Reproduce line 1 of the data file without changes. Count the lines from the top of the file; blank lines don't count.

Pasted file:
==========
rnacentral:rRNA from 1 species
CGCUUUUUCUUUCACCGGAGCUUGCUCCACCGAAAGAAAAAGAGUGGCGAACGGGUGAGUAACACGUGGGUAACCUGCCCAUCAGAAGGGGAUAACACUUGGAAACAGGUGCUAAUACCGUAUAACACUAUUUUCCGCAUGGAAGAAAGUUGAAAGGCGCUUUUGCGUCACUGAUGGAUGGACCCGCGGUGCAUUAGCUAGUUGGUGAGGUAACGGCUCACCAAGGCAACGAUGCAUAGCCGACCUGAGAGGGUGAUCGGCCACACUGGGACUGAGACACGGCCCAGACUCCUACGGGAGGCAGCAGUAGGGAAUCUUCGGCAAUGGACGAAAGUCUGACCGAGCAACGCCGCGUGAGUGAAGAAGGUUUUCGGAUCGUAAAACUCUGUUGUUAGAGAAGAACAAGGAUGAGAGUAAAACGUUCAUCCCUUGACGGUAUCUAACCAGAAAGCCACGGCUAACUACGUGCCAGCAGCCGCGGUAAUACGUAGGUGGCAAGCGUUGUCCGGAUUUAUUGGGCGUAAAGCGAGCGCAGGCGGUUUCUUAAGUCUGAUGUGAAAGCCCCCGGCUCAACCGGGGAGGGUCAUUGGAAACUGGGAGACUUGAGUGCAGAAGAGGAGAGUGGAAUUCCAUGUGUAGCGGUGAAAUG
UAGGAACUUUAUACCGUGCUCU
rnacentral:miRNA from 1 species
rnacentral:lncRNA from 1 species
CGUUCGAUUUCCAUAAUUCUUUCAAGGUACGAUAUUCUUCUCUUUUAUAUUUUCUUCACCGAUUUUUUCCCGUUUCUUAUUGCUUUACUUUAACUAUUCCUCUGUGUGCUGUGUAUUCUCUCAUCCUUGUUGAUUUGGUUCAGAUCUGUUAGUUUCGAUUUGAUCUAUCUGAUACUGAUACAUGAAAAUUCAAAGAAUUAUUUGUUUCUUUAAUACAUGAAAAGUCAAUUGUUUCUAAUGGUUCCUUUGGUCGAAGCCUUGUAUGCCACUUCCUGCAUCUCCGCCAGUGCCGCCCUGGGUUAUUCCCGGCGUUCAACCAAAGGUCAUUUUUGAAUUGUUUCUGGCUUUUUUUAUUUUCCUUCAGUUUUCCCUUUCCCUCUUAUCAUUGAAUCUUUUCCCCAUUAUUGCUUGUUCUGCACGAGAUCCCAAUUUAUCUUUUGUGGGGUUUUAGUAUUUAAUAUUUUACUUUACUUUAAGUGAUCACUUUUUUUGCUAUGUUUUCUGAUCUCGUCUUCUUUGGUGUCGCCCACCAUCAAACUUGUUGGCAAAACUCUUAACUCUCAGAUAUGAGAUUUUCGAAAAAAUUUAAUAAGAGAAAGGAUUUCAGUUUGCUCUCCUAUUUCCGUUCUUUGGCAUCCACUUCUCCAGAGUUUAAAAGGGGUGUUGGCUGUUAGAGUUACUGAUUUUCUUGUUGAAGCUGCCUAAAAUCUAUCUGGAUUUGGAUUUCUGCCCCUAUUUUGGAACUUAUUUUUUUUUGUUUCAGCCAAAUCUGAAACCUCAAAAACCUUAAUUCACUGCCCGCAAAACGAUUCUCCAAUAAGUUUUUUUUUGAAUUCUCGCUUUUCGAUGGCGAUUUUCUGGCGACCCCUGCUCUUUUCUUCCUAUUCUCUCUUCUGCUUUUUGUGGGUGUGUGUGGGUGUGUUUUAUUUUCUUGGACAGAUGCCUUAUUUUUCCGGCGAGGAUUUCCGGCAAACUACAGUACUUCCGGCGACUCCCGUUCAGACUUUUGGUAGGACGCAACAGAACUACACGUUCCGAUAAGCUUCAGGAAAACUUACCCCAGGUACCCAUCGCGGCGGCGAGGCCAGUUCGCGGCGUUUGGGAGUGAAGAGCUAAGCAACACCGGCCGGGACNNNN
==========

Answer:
rnacentral:rRNA from 1 species